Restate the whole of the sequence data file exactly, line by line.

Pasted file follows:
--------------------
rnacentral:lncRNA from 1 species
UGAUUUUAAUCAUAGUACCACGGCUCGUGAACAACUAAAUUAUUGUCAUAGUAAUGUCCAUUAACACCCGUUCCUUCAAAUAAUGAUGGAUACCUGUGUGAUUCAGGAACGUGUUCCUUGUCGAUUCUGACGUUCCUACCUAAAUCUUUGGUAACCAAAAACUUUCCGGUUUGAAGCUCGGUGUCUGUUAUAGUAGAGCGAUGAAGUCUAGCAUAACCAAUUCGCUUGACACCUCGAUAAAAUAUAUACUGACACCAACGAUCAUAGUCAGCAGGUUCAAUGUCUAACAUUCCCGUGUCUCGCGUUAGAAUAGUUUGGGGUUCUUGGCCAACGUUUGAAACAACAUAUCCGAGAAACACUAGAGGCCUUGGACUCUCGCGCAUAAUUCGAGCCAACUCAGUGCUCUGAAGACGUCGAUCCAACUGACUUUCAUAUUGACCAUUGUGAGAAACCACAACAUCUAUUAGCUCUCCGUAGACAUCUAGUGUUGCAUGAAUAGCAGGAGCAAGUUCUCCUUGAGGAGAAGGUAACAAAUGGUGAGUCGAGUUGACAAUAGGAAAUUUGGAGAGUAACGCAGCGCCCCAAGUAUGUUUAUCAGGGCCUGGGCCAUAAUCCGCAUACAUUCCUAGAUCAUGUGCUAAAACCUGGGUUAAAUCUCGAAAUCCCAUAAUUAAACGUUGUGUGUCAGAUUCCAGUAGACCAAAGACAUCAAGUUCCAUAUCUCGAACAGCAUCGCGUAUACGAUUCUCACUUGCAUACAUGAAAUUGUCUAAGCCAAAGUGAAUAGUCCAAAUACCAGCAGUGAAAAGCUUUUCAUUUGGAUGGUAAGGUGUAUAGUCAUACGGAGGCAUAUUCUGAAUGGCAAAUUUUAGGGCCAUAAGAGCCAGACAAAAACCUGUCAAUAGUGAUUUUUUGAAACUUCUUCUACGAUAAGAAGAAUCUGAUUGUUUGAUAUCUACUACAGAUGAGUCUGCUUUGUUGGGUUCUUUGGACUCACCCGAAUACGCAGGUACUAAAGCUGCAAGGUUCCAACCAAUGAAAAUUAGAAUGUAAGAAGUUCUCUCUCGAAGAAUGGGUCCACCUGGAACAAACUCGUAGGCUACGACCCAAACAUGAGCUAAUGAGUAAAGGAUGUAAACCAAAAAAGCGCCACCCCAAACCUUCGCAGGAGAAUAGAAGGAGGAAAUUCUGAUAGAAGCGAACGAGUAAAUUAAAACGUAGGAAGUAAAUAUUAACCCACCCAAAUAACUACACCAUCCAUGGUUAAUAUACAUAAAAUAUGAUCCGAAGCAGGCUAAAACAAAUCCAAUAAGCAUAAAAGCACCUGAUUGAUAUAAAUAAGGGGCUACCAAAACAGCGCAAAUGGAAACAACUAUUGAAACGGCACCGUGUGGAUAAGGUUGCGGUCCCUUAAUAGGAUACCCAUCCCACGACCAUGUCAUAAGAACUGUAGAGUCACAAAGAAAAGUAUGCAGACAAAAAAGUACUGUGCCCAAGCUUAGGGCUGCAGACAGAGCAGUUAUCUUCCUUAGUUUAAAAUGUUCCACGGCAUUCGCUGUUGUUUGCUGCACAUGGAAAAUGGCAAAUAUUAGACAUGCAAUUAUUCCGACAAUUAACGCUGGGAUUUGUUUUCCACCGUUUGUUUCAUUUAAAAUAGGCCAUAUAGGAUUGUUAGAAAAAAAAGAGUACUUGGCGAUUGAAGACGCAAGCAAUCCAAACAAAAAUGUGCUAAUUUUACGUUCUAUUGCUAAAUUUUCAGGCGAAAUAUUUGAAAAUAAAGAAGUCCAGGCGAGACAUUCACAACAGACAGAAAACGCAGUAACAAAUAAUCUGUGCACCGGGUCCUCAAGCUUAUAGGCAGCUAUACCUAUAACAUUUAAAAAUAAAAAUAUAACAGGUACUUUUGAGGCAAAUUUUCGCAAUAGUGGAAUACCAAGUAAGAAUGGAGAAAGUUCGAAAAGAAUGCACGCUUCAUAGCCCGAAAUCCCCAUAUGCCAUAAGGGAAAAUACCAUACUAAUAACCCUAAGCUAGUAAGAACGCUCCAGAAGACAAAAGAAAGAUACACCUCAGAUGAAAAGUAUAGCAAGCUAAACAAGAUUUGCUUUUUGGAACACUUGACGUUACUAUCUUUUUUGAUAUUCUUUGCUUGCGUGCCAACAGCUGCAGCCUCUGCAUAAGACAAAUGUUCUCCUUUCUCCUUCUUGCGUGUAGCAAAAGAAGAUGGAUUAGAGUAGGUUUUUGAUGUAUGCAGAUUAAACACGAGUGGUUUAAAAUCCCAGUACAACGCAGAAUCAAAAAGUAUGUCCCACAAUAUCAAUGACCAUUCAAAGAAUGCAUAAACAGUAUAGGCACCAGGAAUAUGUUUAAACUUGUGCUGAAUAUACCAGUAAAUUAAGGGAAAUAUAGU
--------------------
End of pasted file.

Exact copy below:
rnacentral:lncRNA from 1 species
UGAUUUUAAUCAUAGUACCACGGCUCGUGAACAACUAAAUUAUUGUCAUAGUAAUGUCCAUUAACACCCGUUCCUUCAAAUAAUGAUGGAUACCUGUGUGAUUCAGGAACGUGUUCCUUGUCGAUUCUGACGUUCCUACCUAAAUCUUUGGUAACCAAAAACUUUCCGGUUUGAAGCUCGGUGUCUGUUAUAGUAGAGCGAUGAAGUCUAGCAUAACCAAUUCGCUUGACACCUCGAUAAAAUAUAUACUGACACCAACGAUCAUAGUCAGCAGGUUCAAUGUCUAACAUUCCCGUGUCUCGCGUUAGAAUAGUUUGGGGUUCUUGGCCAACGUUUGAAACAACAUAUCCGAGAAACACUAGAGGCCUUGGACUCUCGCGCAUAAUUCGAGCCAACUCAGUGCUCUGAAGACGUCGAUCCAACUGACUUUCAUAUUGACCAUUGUGAGAAACCACAACAUCUAUUAGCUCUCCGUAGACAUCUAGUGUUGCAUGAAUAGCAGGAGCAAGUUCUCCUUGAGGAGAAGGUAACAAAUGGUGAGUCGAGUUGACAAUAGGAAAUUUGGAGAGUAACGCAGCGCCCCAAGUAUGUUUAUCAGGGCCUGGGCCAUAAUCCGCAUACAUUCCUAGAUCAUGUGCUAAAACCUGGGUUAAAUCUCGAAAUCCCAUAAUUAAACGUUGUGUGUCAGAUUCCAGUAGACCAAAGACAUCAAGUUCCAUAUCUCGAACAGCAUCGCGUAUACGAUUCUCACUUGCAUACAUGAAAUUGUCUAAGCCAAAGUGAAUAGUCCAAAUACCAGCAGUGAAAAGCUUUUCAUUUGGAUGGUAAGGUGUAUAGUCAUACGGAGGCAUAUUCUGAAUGGCAAAUUUUAGGGCCAUAAGAGCCAGACAAAAACCUGUCAAUAGUGAUUUUUUGAAACUUCUUCUACGAUAAGAAGAAUCUGAUUGUUUGAUAUCUACUACAGAUGAGUCUGCUUUGUUGGGUUCUUUGGACUCACCCGAAUACGCAGGUACUAAAGCUGCAAGGUUCCAACCAAUGAAAAUUAGAAUGUAAGAAGUUCUCUCUCGAAGAAUGGGUCCACCUGGAACAAACUCGUAGGCUACGACCCAAACAUGAGCUAAUGAGUAAAGGAUGUAAACCAAAAAAGCGCCACCCCAAACCUUCGCAGGAGAAUAGAAGGAGGAAAUUCUGAUAGAAGCGAACGAGUAAAUUAAAACGUAGGAAGUAAAUAUUAACCCACCCAAAUAACUACACCAUCCAUGGUUAAUAUACAUAAAAUAUGAUCCGAAGCAGGCUAAAACAAAUCCAAUAAGCAUAAAAGCACCUGAUUGAUAUAAAUAAGGGGCUACCAAAACAGCGCAAAUGGAAACAACUAUUGAAACGGCACCGUGUGGAUAAGGUUGCGGUCCCUUAAUAGGAUACCCAUCCCACGACCAUGUCAUAAGAACUGUAGAGUCACAAAGAAAAGUAUGCAGACAAAAAAGUACUGUGCCCAAGCUUAGGGCUGCAGACAGAGCAGUUAUCUUCCUUAGUUUAAAAUGUUCCACGGCAUUCGCUGUUGUUUGCUGCACAUGGAAAAUGGCAAAUAUUAGACAUGCAAUUAUUCCGACAAUUAACGCUGGGAUUUGUUUUCCACCGUUUGUUUCAUUUAAAAUAGGCCAUAUAGGAUUGUUAGAAAAAAAAGAGUACUUGGCGAUUGAAGACGCAAGCAAUCCAAACAAAAAUGUGCUAAUUUUACGUUCUAUUGCUAAAUUUUCAGGCGAAAUAUUUGAAAAUAAAGAAGUCCAGGCGAGACAUUCACAACAGACAGAAAACGCAGUAACAAAUAAUCUGUGCACCGGGUCCUCAAGCUUAUAGGCAGCUAUACCUAUAACAUUUAAAAAUAAAAAUAUAACAGGUACUUUUGAGGCAAAUUUUCGCAAUAGUGGAAUACCAAGUAAGAAUGGAGAAAGUUCGAAAAGAAUGCACGCUUCAUAGCCCGAAAUCCCCAUAUGCCAUAAGGGAAAAUACCAUACUAAUAACCCUAAGCUAGUAAGAACGCUCCAGAAGACAAAAGAAAGAUACACCUCAGAUGAAAAGUAUAGCAAGCUAAACAAGAUUUGCUUUUUGGAACACUUGACGUUACUAUCUUUUUUGAUAUUCUUUGCUUGCGUGCCAACAGCUGCAGCCUCUGCAUAAGACAAAUGUUCUCCUUUCUCCUUCUUGCGUGUAGCAAAAGAAGAUGGAUUAGAGUAGGUUUUUGAUGUAUGCAGAUUAAACACGAGUGGUUUAAAAUCCCAGUACAACGCAGAAUCAAAAAGUAUGUCCCACAAUAUCAAUGACCAUUCAAAGAAUGCAUAAACAGUAUAGGCACCAGGAAUAUGUUUAAACUUGUGCUGAAUAUACCAGUAAAUUAAGGGAAAUAUAGU